Rabat, Morocco, October 1, 2007

Trip Start Sep 19, 2007
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Trip End Jan 05, 2008


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Flag of Morocco  ,
Monday, October 1, 2007

Rabat is the current capital of Morocco and is nice in a planned, organized elegance in the way such capital cities as Washington, Ottawa, Canberra, Wellington, and Brasilia that are government centers rather than the country's dominant commercial capital usually are.  Such capital cities usually have a standard of the good life dictated more by bureaucrats and the sycophantic lobbyists that hang around them, often a more cultured bunch than the captains of industry and commerce who set the tone in bigger cities. 
Rabat is a mostly modern city but one with many layers of history, including the ruins of a Roman town named Chellah on its outskirts which later became a Muslim Meranid tomb complex, a fortified Kasbah full of whitewashed houses with blue trim on a seaside bluff, and a large walled Medina only a few centuries less ancient than those in Fez and Marrakech.  Among these sights were a number of good small museums, enough sights overall to spend a second day in the city if I had had one
I had planned to eat out and try some exotic Moroccan food that night, especially after getting word that the evening's camp dinner would consist of hot dogs and hamburgers.  Islam, however, had different plans for me.  When I entered an Internet cafe shortly before dusk the outdoor markets and central food halls at the entrance to the Medina were still a frenzy of activity.  When I emerged from the cafe half an hour later the streets were so quiet and deserted one could hear a pin drop, with not a car or pedestrian on the street as everyone was inside breaking the daily Ramadan fast.  Meanwhile, in every restaurant I entered the kitchen was closed to at least an hour while the staff recovered from the fast.  Where there was food available it was only pre-cooked Ramadan break-fast food - bean soup, bread, dates, and sweets - and the patrons were all eating in silence.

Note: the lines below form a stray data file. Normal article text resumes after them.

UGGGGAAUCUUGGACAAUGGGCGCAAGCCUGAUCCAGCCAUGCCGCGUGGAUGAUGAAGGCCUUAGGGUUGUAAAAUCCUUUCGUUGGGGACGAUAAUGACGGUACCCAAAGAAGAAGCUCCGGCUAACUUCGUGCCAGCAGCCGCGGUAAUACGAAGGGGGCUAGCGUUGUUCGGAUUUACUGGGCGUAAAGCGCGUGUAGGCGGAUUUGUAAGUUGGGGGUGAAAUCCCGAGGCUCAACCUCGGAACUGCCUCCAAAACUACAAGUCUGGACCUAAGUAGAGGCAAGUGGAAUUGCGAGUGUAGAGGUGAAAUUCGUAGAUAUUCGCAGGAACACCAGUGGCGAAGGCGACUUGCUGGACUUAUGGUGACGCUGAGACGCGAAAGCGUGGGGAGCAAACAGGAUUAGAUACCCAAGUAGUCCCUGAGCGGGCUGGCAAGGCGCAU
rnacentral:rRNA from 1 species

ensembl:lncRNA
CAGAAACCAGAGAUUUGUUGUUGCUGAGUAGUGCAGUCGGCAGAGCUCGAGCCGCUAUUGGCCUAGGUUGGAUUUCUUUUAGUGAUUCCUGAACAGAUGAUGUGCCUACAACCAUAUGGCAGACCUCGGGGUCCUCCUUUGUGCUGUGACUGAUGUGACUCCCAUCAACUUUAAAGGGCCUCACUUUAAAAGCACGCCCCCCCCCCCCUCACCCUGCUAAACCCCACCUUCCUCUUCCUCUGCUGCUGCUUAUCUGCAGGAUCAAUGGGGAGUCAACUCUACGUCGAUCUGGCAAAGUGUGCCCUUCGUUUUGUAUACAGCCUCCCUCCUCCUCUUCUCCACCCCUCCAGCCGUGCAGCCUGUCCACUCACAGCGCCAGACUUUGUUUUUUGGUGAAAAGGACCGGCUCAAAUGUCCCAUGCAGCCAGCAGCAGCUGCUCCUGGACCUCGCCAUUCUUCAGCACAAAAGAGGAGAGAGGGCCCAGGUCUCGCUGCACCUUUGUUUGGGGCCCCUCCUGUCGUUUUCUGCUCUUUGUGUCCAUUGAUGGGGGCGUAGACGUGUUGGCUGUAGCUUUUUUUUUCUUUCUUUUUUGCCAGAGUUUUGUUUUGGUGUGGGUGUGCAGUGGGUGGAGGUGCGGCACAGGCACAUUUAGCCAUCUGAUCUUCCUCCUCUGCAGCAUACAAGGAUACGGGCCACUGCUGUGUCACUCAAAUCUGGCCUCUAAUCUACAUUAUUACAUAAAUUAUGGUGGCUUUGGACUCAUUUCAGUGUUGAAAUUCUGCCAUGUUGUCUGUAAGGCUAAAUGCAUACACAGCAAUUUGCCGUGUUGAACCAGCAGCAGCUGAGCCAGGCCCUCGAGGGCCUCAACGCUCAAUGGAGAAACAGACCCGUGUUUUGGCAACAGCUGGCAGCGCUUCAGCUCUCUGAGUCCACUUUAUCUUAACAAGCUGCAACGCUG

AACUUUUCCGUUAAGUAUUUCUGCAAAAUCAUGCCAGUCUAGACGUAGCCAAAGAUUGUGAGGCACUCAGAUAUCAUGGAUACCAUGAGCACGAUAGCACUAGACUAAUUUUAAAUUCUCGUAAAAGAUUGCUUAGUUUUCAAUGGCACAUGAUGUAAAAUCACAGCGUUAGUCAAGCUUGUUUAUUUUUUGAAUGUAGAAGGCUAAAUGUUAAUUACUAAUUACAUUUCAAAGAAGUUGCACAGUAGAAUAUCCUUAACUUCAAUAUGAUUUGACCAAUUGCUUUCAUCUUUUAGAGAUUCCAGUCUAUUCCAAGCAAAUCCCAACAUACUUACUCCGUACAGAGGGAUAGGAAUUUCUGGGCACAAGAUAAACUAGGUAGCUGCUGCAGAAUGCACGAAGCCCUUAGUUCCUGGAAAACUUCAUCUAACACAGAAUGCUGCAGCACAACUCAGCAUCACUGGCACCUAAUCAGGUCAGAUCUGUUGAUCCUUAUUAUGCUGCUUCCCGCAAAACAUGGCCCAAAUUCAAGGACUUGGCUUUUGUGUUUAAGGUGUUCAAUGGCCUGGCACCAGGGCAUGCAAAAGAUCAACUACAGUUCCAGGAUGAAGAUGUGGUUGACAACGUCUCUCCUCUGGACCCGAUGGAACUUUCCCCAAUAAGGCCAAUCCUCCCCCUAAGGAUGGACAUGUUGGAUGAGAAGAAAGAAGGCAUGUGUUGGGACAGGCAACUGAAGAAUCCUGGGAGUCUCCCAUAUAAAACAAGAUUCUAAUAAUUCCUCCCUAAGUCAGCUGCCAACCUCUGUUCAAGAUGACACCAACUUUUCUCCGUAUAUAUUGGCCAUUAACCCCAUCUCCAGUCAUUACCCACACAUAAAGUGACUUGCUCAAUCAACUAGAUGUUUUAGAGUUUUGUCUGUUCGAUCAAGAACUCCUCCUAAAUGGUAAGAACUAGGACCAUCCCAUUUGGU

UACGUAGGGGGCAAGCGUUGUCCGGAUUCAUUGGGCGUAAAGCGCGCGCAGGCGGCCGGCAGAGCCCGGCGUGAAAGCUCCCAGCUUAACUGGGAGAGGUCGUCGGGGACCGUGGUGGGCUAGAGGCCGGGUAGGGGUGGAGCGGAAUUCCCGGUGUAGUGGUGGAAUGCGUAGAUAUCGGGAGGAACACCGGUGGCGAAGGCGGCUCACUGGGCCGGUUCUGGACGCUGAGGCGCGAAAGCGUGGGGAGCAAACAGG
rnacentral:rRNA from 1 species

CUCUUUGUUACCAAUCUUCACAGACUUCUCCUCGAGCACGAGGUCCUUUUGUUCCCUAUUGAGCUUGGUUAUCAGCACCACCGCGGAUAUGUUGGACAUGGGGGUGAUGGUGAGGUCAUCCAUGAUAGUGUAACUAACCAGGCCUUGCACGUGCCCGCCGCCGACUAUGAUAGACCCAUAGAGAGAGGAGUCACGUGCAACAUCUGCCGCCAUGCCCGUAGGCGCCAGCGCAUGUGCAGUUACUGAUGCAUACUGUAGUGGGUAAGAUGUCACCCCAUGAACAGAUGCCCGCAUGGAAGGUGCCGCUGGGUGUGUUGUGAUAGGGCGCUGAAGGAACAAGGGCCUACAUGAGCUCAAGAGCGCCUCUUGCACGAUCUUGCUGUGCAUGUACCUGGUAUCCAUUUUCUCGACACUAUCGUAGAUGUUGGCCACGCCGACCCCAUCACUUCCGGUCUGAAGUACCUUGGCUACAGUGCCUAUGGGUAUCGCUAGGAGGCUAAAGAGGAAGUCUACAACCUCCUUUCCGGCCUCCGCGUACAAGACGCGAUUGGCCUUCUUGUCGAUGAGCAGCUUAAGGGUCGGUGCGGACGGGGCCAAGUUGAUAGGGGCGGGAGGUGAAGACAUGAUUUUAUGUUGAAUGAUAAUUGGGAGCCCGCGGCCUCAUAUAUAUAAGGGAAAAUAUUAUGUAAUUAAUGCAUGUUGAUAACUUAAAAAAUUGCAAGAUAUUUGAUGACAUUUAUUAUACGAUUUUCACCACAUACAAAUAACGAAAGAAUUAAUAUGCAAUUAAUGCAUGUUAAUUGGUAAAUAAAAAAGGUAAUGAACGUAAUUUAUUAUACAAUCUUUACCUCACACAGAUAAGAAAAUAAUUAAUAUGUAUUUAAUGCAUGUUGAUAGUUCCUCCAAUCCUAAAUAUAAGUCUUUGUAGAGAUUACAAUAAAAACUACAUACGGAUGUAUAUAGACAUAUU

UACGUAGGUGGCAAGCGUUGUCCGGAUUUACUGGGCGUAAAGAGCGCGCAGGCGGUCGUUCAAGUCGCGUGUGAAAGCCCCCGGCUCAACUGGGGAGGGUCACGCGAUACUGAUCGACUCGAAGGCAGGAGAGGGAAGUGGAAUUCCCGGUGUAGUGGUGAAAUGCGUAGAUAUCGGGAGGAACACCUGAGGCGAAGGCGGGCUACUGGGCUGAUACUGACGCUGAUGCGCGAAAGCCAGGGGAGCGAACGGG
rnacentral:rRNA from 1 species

Since there was not a taxi or a bus running at the time, I had to hoof it the three miles or so back to our campsite across the river in Sale, Rabat's sister city on the north side of the Bouregreg River, only to find that dinner was over.  I was saved from another night of starvation, though, by a group of uniformed Moroccan soldiers who were also staying in the campground.  They invited us to join them for a meal of couscous, an offer I couldn't refuse since it was my only chance of eating anything that night.  My ability to converse with the soldiers was very limited since I can't speak much French or Arabic, but that didn't seem to matter much as we sat around the table eating couscous with beef and vegetables with our hands from a communal bowl at the center of the table while watching a really bad Algerian movie. 
It was not exactly a party crowd I was with on the Dover to Dakar leg of the trip.  My mostly older fellow travelers got up before the crack of dawn, ate breakfast and broke camp well before the assigned time every morning, and wanted to eat dinner before dark in order to be in bed by 9:00 P.M.  It was almost like being back at my parents' house in the retirement village. 
Between those early risers slamming the truck door and banging pots and pans around at the dawn's first light, the especially loud and long pre-dawn prayer calls from the nearby mosque, dozens of feral cats fighting it out through the night, and a group of kif-smoking French hippies pounding on drums all night at the other side of the campground my nights at the Camping de la Plage in Sale weren't the most restful.  Speaking of French hippies, white people should not be wearing dreadlocks; it is so wrong!
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